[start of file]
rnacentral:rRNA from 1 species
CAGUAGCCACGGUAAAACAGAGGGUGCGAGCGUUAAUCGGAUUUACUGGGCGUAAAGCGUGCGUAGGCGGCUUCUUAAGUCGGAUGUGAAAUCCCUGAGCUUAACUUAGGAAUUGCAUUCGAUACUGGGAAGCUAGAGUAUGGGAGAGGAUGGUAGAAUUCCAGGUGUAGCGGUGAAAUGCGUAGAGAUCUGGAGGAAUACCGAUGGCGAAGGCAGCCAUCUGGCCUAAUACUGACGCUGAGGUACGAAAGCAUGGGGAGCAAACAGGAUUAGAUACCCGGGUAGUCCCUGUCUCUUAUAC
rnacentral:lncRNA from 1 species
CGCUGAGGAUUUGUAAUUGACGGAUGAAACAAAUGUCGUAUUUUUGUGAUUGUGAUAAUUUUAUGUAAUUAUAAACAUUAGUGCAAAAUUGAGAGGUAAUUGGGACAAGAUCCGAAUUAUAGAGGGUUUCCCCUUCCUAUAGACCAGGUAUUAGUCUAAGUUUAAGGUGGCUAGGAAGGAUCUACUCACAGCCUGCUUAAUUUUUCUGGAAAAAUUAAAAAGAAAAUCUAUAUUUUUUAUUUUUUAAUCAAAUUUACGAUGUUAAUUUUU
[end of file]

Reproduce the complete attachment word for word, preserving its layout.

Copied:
rnacentral:rRNA from 1 species
CAGUAGCCACGGUAAAACAGAGGGUGCGAGCGUUAAUCGGAUUUACUGGGCGUAAAGCGUGCGUAGGCGGCUUCUUAAGUCGGAUGUGAAAUCCCUGAGCUUAACUUAGGAAUUGCAUUCGAUACUGGGAAGCUAGAGUAUGGGAGAGGAUGGUAGAAUUCCAGGUGUAGCGGUGAAAUGCGUAGAGAUCUGGAGGAAUACCGAUGGCGAAGGCAGCCAUCUGGCCUAAUACUGACGCUGAGGUACGAAAGCAUGGGGAGCAAACAGGAUUAGAUACCCGGGUAGUCCCUGUCUCUUAUAC
rnacentral:lncRNA from 1 species
CGCUGAGGAUUUGUAAUUGACGGAUGAAACAAAUGUCGUAUUUUUGUGAUUGUGAUAAUUUUAUGUAAUUAUAAACAUUAGUGCAAAAUUGAGAGGUAAUUGGGACAAGAUCCGAAUUAUAGAGGGUUUCCCCUUCCUAUAGACCAGGUAUUAGUCUAAGUUUAAGGUGGCUAGGAAGGAUCUACUCACAGCCUGCUUAAUUUUUCUGGAAAAAUUAAAAAGAAAAUCUAUAUUUUUUAUUUUUUAAUCAAAUUUACGAUGUUAAUUUUU